To find a way to help people understand how their choices affect both habitats and humans, Dr. Sarah Null recruited artists to create large-format images, paintings and interactive exhibits based on her research.
Dousing the Flames: USU Investigates how Wildfires Impact Utah's Water Supply Reservoirs
As winter 2021 in Utah continues to provide much-needed late winter snowfall, hydrologists say the state currently sits at 80% of normal snowpack. And researchers at Utah State University are already looking ahead to fire season by investigating how wildf...
New report confronts tough choices for the future of the Colorado River
The new publication builds upon a 2020 white paper, “Strategies for Managing the Colorado River in an Uncertain Future.” Wheeler et. al ran scenarios for various planning strategies on one of the most managed rivers in the world, the Colorado, to better u...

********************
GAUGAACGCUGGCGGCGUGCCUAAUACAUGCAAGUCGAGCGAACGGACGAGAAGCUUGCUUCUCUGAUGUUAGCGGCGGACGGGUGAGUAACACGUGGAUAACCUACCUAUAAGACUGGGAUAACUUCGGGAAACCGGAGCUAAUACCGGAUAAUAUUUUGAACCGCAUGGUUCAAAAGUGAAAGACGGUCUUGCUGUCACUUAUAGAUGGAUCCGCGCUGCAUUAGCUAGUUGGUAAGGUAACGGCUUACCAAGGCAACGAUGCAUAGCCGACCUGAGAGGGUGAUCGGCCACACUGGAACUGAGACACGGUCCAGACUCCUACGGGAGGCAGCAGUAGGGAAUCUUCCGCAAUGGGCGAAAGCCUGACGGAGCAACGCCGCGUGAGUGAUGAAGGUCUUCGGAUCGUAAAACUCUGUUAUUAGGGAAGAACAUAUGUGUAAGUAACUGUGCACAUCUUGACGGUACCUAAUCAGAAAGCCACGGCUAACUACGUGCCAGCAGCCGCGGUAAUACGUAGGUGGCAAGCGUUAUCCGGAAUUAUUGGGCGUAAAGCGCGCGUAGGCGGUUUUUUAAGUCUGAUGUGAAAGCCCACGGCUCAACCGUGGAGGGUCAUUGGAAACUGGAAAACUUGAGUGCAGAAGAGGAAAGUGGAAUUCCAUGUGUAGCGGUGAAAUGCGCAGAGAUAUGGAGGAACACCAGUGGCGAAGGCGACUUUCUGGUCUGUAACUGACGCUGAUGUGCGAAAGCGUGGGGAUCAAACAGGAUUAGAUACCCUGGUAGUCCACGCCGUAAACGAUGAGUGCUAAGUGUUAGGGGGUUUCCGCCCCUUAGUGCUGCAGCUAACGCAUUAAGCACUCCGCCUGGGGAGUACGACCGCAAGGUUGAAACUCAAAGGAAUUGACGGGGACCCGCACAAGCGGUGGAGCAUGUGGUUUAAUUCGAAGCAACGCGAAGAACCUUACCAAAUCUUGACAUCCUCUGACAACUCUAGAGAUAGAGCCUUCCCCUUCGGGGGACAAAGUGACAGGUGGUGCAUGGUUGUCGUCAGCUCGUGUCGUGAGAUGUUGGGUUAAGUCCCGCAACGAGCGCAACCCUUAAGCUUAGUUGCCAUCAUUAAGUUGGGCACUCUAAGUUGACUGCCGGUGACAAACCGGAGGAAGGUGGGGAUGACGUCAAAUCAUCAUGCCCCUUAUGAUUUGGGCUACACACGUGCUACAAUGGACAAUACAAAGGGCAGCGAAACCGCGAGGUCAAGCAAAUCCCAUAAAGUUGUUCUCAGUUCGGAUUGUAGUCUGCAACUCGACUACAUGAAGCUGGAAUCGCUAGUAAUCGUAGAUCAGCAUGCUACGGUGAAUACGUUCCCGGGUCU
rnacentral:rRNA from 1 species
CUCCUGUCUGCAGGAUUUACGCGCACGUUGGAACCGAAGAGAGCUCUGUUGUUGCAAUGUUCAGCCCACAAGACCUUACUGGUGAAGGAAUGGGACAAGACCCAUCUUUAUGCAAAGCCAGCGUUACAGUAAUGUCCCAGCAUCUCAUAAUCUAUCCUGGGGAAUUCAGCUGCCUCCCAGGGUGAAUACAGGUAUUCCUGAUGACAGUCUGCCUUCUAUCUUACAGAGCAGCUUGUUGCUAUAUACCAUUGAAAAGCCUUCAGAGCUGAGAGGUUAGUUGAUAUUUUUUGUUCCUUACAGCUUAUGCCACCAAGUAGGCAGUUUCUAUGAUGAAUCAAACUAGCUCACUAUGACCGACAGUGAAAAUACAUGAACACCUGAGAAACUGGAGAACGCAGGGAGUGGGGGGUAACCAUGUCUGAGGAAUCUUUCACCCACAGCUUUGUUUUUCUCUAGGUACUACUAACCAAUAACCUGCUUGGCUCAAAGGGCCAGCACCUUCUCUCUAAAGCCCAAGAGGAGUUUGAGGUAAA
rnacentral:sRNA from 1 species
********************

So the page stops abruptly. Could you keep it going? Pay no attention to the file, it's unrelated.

Arctic Stew: Understanding How High-Latitude Lakes Respond to and Affect Climate Change
New research from Soren Brothers, assistant professor Utah State University Department of Watershed Sciences and Ecology Center, details how lakes in Nunavut could have a big impact on carbon dioxide levels in the atmosphere, and it’s not all bad news—at ...
Celebrating the History of Women in the QCNR
This video, created by undergraduate students in our college, takes a look into the history of women in the Quinney College of Natural Resources.
JEDI Graduate Research Fellowships
As part of our commitment to creating a more just and equitable world, the Department of Watershed Sciences is offering two JEDI research fellowships, starting August 2021.
QCNR Professor Joseph Wheaton Recognized with 2020 Gordon Warwick Award